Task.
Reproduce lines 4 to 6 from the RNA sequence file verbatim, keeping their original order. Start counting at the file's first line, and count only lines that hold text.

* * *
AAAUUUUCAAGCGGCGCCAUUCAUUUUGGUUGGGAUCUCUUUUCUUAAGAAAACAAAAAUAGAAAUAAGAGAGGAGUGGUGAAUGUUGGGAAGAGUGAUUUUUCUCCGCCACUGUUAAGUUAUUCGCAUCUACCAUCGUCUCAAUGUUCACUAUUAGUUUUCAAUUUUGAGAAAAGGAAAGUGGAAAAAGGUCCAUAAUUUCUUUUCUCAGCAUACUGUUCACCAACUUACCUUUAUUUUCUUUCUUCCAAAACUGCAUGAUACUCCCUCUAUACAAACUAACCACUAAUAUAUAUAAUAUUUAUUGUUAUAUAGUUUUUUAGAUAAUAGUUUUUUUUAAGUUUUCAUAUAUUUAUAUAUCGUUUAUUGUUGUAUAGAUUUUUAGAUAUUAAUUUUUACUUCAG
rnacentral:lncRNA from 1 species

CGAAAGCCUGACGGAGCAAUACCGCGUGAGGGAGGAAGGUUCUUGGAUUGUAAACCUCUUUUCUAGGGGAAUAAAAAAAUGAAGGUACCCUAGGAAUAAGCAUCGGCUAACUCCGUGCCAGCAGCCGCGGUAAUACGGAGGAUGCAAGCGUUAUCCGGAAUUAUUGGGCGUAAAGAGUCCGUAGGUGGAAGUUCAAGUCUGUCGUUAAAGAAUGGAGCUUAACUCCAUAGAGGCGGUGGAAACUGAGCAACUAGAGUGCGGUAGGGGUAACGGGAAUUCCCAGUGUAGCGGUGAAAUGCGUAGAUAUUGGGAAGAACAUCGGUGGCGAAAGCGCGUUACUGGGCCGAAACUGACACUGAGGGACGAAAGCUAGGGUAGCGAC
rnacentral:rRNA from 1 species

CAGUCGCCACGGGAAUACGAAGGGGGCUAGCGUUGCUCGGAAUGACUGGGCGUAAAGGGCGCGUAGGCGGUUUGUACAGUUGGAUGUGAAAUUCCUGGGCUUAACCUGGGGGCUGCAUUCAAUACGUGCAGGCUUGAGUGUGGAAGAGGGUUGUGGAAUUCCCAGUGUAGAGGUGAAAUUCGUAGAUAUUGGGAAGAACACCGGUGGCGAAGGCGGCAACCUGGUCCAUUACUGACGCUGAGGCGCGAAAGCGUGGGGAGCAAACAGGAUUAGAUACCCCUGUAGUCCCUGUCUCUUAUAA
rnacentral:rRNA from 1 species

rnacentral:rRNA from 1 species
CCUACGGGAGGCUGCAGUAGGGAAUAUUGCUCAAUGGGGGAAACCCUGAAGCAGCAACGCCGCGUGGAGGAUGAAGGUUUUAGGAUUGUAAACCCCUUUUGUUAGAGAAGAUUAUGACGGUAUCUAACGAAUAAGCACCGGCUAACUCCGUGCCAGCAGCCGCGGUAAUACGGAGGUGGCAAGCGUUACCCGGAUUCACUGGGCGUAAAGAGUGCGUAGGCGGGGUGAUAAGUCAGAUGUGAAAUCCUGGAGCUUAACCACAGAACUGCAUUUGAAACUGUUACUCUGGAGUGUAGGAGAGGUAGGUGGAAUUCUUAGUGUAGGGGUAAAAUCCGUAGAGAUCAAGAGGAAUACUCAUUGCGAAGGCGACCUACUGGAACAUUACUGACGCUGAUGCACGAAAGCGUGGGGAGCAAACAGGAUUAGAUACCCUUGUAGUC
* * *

rnacentral:rRNA from 1 species

CAGUCGCCACGGGAAUACGAAGGGGGCUAGCGUUGCUCGGAAUGACUGGGCGUAAAGGGCGCGUAGGCGGUUUGUACAGUUGGAUGUGAAAUUCCUGGGCUUAACCUGGGGGCUGCAUUCAAUACGUGCAGGCUUGAGUGUGGAAGAGGGUUGUGGAAUUCCCAGUGUAGAGGUGAAAUUCGUAGAUAUUGGGAAGAACACCGGUGGCGAAGGCGGCAACCUGGUCCAUUACUGACGCUGAGGCGCGAAAGCGUGGGGAGCAAACAGGAUUAGAUACCCCUGUAGUCCCUGUCUCUUAUAA
rnacentral:rRNA from 1 species